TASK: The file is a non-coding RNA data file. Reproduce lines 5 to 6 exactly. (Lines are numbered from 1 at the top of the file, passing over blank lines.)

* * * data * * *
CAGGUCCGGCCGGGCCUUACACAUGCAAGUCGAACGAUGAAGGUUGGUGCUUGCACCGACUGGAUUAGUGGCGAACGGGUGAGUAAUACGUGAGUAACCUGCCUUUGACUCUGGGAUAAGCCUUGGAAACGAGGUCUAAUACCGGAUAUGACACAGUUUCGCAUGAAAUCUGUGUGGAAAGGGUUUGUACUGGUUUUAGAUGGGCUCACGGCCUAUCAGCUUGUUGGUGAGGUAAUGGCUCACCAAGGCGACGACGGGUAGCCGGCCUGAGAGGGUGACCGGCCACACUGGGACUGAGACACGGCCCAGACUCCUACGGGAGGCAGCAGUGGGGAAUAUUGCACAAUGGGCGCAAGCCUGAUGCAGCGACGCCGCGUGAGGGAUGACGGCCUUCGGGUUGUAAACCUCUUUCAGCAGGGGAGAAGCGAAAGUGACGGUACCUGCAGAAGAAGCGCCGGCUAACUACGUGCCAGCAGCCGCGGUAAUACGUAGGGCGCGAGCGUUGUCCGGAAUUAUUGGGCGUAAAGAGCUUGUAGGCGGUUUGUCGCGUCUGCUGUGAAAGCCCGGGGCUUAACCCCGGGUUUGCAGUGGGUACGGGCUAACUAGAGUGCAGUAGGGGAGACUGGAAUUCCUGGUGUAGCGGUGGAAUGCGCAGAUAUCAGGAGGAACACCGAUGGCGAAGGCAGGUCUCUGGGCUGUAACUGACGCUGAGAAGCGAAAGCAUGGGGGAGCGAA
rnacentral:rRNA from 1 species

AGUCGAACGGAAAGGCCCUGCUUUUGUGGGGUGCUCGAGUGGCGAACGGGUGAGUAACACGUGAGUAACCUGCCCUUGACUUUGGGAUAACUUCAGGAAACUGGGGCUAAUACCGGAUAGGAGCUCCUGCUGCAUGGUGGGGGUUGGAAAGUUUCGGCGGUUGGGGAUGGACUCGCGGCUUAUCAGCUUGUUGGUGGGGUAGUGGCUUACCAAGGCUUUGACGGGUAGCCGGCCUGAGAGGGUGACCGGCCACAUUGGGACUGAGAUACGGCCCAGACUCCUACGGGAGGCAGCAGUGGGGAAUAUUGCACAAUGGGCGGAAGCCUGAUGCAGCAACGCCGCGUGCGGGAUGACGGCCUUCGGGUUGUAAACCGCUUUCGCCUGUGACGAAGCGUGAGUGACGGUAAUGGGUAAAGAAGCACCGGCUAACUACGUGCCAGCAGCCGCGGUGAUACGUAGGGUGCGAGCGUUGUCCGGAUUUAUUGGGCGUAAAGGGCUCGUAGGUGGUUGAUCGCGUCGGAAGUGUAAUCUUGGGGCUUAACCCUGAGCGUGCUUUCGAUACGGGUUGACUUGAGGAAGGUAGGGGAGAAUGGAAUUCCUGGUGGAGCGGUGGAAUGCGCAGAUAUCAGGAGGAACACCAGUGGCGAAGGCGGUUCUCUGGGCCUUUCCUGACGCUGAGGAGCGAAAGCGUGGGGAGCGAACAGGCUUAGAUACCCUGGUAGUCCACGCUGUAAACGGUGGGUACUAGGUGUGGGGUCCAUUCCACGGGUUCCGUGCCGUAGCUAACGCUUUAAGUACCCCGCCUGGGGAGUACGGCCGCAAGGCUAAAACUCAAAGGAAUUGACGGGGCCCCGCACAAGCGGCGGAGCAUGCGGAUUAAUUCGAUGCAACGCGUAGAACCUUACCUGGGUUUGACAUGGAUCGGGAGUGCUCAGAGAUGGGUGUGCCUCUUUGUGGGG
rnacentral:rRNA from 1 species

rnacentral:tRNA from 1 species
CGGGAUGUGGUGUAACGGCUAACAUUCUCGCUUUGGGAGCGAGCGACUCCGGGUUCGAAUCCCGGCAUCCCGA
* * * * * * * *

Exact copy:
rnacentral:tRNA from 1 species
CGGGAUGUGGUGUAACGGCUAACAUUCUCGCUUUGGGAGCGAGCGACUCCGGGUUCGAAUCCCGGCAUCCCGA